This article has been submitted by The Recruit Venture Group
There are numerous ‘pros and cons’ to weigh up when you’re starting a recruitment business. Every decision seems to need careful consideration against a list of ‘for’ and ‘against’. Location, branding, target audience, business model…..it’s a demanding process.
High on the list of decisions is the nature of the business and embedded within that is the question of what candidates and roles you will try to serve. Within that is the question of ‘permanent’ or ‘temporary’. “Perm’ or ‘Temp’ ? It’s a conundrum for some well established consultancies, and for the start up it certainly qualifies as one of those decisions that comes with its attendant bunch of ‘pros and cons’.
If there is ‘con’ it’s the one rooted in the potential cash flow problem of having to pay temporary staff their wages before your client pays you. It can happen, but the italics are there because it’s only a possibility. Soundly financed and properly managed your agency, even your new agency, can plan to smooth out those bumps.
What’s far less bumpy is the road that opens up with a portfolio of temporary roles and candidates. Even the most successful of start ups (not to mention up and running businesses) who work exclusively with permanent roles will see the stop and start of income and cash flow related to the placement of candidates. It’s inevitable. There’s no guarantee that you’re going to find a client with a role to fill, identify the candidate for it, get them appointed and then get paid at nice and regular monthly intervals. (That’s the same nice and regular monthly intervals that your overheads and bills become due!).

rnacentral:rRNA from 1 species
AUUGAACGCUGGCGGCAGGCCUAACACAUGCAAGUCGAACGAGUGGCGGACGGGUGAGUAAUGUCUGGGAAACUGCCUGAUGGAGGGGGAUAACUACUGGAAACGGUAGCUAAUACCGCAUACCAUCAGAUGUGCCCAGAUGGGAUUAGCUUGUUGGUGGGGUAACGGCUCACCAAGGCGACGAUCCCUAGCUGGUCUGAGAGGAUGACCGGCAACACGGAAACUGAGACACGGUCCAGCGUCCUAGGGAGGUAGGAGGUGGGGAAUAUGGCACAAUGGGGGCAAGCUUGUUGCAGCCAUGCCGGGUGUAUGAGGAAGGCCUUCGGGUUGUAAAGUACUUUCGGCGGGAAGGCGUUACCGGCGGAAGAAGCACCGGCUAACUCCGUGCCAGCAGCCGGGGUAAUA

However, with a client base in need of temporary staff, and a database of candidates looking for non permanent work you have a hugely increased chance of generating a steady flow of work and income; and one that’s much smoother than the peaks and troughs of one off commission payments.
And if further evidence of the potential of the temporary sector was needed it’s there in the figures. Societal and attitudinal changes are fuelling the growth of the contract and temporary arena; it’s worth over £28.5bn.
Yes, there are issues to be aware of. ‘Exploitation’ and ‘zero hours contracts’ are not easy subjects. But, there is no need to be drawn into operating in areas other than the most reputable.
Properly managed and carefully planned a strategy based on temporary appointments can generate reliable revenue. Temporary roles can make your new recruitment business decidedly permanent!